How the Government supports e-business free essay sample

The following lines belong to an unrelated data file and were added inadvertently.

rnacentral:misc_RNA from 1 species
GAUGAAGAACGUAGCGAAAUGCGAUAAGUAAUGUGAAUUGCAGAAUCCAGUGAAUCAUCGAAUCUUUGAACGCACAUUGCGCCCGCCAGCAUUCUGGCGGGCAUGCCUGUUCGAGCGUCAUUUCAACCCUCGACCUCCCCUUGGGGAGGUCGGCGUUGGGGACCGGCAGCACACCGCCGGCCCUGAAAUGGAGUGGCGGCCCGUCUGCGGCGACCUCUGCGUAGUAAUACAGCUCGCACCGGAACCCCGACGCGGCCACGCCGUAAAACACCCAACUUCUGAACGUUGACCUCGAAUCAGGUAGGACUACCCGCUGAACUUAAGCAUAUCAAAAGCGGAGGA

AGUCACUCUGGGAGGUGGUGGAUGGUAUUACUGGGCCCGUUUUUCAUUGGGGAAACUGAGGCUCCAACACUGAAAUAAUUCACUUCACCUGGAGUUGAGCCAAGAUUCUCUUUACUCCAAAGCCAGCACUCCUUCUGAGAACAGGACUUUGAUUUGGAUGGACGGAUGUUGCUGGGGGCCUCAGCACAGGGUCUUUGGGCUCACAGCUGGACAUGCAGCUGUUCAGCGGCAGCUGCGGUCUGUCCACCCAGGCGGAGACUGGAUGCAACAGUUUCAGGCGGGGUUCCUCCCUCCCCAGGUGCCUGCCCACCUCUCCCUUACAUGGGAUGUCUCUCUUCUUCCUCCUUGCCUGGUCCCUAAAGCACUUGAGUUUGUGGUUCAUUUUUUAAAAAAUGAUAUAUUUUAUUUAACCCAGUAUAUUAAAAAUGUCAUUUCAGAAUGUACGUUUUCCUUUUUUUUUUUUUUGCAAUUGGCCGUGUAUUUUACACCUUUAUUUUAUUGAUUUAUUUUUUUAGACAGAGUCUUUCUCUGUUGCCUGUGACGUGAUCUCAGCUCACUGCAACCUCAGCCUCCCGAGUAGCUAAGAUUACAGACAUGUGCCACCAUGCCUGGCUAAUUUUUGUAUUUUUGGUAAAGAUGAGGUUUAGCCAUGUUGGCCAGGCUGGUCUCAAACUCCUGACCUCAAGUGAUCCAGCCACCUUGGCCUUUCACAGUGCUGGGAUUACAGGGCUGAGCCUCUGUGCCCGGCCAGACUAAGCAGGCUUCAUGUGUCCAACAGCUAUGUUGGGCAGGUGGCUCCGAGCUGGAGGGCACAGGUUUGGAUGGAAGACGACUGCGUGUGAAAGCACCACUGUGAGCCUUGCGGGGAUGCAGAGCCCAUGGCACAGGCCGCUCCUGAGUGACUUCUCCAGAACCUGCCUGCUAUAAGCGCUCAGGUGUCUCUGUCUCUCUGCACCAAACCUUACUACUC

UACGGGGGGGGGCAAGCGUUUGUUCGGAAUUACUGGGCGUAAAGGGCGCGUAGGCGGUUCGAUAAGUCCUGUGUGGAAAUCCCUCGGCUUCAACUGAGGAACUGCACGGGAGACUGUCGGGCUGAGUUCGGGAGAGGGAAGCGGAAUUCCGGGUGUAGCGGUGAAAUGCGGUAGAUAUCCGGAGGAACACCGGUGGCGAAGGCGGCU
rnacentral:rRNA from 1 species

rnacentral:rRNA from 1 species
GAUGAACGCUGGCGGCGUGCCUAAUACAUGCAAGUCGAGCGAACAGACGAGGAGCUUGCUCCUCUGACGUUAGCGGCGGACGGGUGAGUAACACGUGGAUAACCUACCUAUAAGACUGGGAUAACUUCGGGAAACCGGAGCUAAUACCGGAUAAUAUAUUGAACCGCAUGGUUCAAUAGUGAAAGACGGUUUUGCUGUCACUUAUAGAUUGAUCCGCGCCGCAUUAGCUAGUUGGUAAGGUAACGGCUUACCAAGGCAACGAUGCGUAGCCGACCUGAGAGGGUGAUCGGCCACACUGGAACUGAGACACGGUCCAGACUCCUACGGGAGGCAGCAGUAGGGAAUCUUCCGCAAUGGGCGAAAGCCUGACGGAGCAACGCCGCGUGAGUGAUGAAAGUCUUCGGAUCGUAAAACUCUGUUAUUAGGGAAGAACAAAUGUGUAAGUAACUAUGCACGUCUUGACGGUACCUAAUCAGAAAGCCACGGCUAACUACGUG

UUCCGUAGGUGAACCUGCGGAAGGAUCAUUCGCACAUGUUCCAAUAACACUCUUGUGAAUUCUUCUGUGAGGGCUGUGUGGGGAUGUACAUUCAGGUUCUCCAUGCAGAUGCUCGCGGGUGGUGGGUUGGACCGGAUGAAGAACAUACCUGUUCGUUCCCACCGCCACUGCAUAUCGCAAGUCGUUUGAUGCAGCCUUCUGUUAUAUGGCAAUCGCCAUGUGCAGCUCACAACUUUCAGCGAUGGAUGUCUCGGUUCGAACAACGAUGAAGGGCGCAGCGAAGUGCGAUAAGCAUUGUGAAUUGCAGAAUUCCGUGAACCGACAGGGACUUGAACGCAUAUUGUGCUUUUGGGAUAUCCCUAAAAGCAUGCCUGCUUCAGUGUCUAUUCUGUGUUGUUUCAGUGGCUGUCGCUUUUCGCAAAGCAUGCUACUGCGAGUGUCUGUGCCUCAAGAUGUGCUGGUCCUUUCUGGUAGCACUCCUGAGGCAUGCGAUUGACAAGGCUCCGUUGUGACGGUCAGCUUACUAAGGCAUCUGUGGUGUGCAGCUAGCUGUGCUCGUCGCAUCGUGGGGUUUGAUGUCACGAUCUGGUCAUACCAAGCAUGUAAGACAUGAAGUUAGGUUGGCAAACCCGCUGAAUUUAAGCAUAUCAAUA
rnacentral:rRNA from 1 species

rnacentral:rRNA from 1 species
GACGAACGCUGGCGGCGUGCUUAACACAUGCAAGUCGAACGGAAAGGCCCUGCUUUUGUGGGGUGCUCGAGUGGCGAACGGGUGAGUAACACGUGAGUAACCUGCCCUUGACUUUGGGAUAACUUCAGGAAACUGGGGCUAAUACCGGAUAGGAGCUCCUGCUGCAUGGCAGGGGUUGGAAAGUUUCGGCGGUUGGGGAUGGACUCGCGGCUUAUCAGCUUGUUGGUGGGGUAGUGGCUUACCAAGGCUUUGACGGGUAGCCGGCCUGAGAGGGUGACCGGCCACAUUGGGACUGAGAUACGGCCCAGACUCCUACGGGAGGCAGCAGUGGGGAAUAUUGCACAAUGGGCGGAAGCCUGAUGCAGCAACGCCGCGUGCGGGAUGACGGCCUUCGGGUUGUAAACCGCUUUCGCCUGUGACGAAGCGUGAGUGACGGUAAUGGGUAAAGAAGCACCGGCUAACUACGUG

The government and the European Union (EU) advice different businesses to help them to compete with other business online. Small businesses will find it hard to compete with the bigger business as they are not as recognised. The government and the EU will help and advise them to promote themselves so that they are able to grow as a business. Furthermore, by advising smaller businesses to grow, they are creating more jobs. As the smaller businesses expand, they will require more employees. Therefore, the will be less people looking for jobs as more business are looking to employ people. In addition, the government and the EU also train people to use e-business. Most large businesses use e-business to promote their products. The government and the EU help smaller businesses on e-business and help promote them in order to compete against other business. Funding The government offer grants to people in order for them to start a business. We will write a custom essay sample on How the Government supports e-business or any similar topic specifically for you Do Not WasteYour Time HIRE WRITER Only 13.90 / page However, they will have to follow a certain criteria that the government set them. Government grants are non-repayable funds set by the government in order for them to start their own business. By setting a grant, entrepreneurs are able to start their own business whether it is online or store. In addition, the government offers free training and advice to U. K businesses. By offering advice and training, the government are helping to grow small businesses in order for them to gain more of a profit. By funding smaller or new business, you are helping them to start up a business which will help create more employment. Legislation The EU and the U. K government introduced laws to manage e-business such as the copy right law. This will help to protect business from other businesses or individuals from using the same idea as them. Business will normally put copy right on the product; picture etc to indicate to individuals that the products are theirs. The laws are there to protect business from anyone else from taking their ideas. If an individual or businesses are found to have copied another businesses idea, then they could be taken to court as it is illegal to do this. Furthermore, there are also laws with keeping customers details for a certain period of time. Businesses will allow keeping customers details for a certain amount of time. Therefore, the laws are there to protect business from their ideas being used by other businesses or individuals. Conclusion In conclusion, there are different laws to protect different businesses for e-business that the government and the EU have set. In addition, the EU and the government also offer help and advice to small business in order to help them improve and grow.